China-Singapore relations

A general view shows the ArtScience Museum (left) against the backdrop of the city skyline in Singapore on 28 January 2021. (Roslan Rahman/AFP)

Singapore's prominent role in China's trade strategy

After taking a hit in early 2020 due to the pandemic, Singapore-China trade quickly rebounded and looks set to be in healthy territory in 2021. China’s increasing focus on regional trade agreements and industrial chains will give an added push. Academics Li Wenlong and Zhang Shiming give their take on what is in store.
The central business district (CBD) of Singapore, 28 January 2021. (Lauryn Ishak/Bloomberg)

Survey shows 70% Chinese have favourable view of Singapore

A recent survey of 1,064 Chinese adults done right before the US presidential elections shows that Chinese people are much more favourably disposed towards Singapore than other rich nations such as Australia, Japan and the US. What does China see in Singapore?
Signage for the digital yuan, also referred to as E-CNY, at a self check-out counter inside a supermarket in Shenzhen, China, on 20 November 2020. (Yan Cong/Bloomberg)

Token economics: How Singapore can boost synergy with China in building digital economies

Academics Pei Sai Fan, David Lee and Yan Li say that an understanding of other countries’ technological culture and policies is crucial in advancing digital economic cooperation. For instance, in the main, Singapore and China are able to mutually respect the differences in their blockchain and token policies, and focus on the complementarity of their approaches. Together, they can deepen their collaboration on central bank digital currencies and other projects, and lead the way regionally and globally in building digital economies of the future.
Military personnel walk past a banner promoting the ASEAN summit in Hanoi, Vietnam, 11 November 2020. (Kham/Reuters)

Former Chinese Vice-Minister He Yafei: Singapore and ASEAN have important roles to play in a multipolar world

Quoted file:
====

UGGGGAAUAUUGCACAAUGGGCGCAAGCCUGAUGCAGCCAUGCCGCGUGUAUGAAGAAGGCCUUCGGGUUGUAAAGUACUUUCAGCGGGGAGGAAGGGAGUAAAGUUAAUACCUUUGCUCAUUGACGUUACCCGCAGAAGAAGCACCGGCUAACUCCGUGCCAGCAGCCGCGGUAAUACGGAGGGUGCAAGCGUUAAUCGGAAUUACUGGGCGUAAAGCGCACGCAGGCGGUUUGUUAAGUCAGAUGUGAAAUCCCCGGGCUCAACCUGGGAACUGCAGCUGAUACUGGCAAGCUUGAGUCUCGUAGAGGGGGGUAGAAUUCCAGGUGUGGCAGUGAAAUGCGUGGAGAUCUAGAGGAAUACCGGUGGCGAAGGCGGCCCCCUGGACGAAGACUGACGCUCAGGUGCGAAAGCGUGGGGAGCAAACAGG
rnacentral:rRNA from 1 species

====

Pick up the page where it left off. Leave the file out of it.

Professor He Yafei, a former vice-minister at the Chinese Ministry of Foreign Affairs, delivered the keynote address at the Lianhe Zaobao Singapore-China Forum on 3 December. He touched on the imperatives of a new multipolar world, highlighting that being economically close to China, but relying on the US for security protection, is not going to work for the Southeast Asian region. He also spoke about Singapore and China working together bilaterally, for instance in terms of China’s new dual circulation economy, as well in the regional and international arena. Below is the edited transcript of his speech and QnA.
Singapore's Ambassador-at-Large Chan Heng Chee. (SPH)

Ambassador Chan Heng Chee: The future of Singapore-China strategic collaboration

Professor Chan Heng Chee, Ambassador-at-Large and Singapore’s former ambassador to the US, addressed the Lianhe Zaobao Singapore-China Forum on 4 December via Zoom. She said that there is still much that Singapore and China can work together on, such as in tightening the nuts and bolts of the recently signed RCEP, enhancing the ASEAN-China FTA, exchanging views on the CPTPP and WTO reform, and facilitating cooperation in the digital sector.